Others though were moved along by the players. So probably some of that was like in so many other things that get complained about now... turns out was something the players created.

Shawn Driscoll

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Re: What is a Living World to You?
« Reply #12 on: May 01, 2021, 02:55:44 AM »
For those who run living worlds (or worlds in motion), what does that term mean to you?
The world doesn't wait for the players. Events happen whether players are around or not. A huge sandbox that can be explored or ignored by players.
« Last Edit: May 01, 2021, 02:59:16 AM by Shawn Driscoll »

S'mon

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Re: What is a Living World to You?
« Reply #13 on: May 01, 2021, 04:42:01 AM »
Hilariously enough alot of the "meta plot" settings that so many here detest are just a type of world in motion attempt.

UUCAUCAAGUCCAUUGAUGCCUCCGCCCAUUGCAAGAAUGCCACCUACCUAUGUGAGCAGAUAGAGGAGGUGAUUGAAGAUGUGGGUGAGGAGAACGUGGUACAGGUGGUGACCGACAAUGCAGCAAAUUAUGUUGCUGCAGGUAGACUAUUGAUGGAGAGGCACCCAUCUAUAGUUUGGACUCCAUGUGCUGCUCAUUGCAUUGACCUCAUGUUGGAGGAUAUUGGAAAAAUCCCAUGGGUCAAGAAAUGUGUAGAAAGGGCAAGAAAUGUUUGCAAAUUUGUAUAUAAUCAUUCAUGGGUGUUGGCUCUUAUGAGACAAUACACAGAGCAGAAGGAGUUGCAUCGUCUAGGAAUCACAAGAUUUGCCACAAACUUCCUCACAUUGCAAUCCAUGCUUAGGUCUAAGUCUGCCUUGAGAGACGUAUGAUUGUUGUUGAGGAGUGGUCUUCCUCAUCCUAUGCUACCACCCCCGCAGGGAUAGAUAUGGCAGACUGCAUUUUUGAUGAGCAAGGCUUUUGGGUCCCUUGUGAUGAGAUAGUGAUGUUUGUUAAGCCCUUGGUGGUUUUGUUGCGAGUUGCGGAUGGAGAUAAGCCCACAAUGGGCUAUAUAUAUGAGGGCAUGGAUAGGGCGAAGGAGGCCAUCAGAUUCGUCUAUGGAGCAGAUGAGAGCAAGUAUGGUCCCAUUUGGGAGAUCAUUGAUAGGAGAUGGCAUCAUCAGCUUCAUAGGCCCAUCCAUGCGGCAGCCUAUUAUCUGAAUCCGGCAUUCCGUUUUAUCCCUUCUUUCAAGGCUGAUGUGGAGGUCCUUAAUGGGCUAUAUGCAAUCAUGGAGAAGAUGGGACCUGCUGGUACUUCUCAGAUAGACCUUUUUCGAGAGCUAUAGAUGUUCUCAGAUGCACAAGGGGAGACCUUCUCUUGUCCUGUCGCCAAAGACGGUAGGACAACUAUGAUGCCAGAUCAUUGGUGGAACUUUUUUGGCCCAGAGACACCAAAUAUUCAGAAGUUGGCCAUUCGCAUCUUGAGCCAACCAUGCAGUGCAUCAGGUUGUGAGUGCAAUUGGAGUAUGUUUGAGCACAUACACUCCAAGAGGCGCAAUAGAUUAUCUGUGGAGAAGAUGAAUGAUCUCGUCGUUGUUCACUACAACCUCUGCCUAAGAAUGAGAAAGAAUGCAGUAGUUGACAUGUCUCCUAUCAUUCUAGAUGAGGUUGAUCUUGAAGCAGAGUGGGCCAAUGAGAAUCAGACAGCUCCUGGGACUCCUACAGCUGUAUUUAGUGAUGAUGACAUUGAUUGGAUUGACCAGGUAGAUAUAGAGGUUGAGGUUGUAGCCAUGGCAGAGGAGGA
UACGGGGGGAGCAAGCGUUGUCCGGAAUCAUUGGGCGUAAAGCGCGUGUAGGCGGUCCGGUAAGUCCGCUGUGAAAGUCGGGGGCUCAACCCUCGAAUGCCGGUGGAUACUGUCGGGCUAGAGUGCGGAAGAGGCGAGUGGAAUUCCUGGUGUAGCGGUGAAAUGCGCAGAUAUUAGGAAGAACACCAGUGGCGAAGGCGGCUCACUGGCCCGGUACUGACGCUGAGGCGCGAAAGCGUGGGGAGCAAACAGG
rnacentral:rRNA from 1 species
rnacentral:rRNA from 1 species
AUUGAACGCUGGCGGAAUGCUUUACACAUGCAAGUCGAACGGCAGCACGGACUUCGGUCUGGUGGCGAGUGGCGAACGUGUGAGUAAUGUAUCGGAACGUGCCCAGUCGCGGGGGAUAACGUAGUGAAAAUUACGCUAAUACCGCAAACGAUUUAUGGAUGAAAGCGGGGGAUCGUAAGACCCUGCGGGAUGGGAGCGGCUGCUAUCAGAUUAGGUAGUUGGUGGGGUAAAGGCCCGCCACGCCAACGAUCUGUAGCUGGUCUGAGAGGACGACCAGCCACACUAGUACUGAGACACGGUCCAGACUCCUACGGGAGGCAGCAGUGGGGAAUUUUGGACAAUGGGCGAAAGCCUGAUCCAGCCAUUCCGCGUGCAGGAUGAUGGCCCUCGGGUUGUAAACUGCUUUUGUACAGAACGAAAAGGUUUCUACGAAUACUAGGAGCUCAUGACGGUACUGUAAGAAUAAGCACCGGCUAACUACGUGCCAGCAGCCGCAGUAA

So apparently world in motion stifles the player...

A Metaplot by definition can't be affected by the PCs and the players will be Railroaded if they try to affect it. So yes it stifles the players.

I'd actually forgotten about Metaplot. But yes it makes the nothing-happens-till-you-go-there approach look positively benign in comparison.

Living World design definitely allows for PCs to affect the world, without artifical constraints (Metaplot) and it benefits from minimal pre-scripting. While I do roll up some events in advance, I'm always ready to discard them if they are negated by player actions before they arise.

Lurkndog

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Re: What is a Living World to You?
« Reply #14 on: May 02, 2021, 10:06:34 AM »
I think of something similar to the "Garrett Files" books by Glen Cook, where there is a mystery of the week happening in the foreground, but in the background Glory Mooncalled's rebellion was going on out in the boondocks, playing out a bit at a time, following its own story arc, and occasionally impacting the story of the week. When the background storyline reached its crescendo, it was a big deal, and a big payoff.

I think the payoff part is important. There needs to be a reward to the players for paying attention to the world plot, and it's not just getting to talk to the GM's pet super-NPC.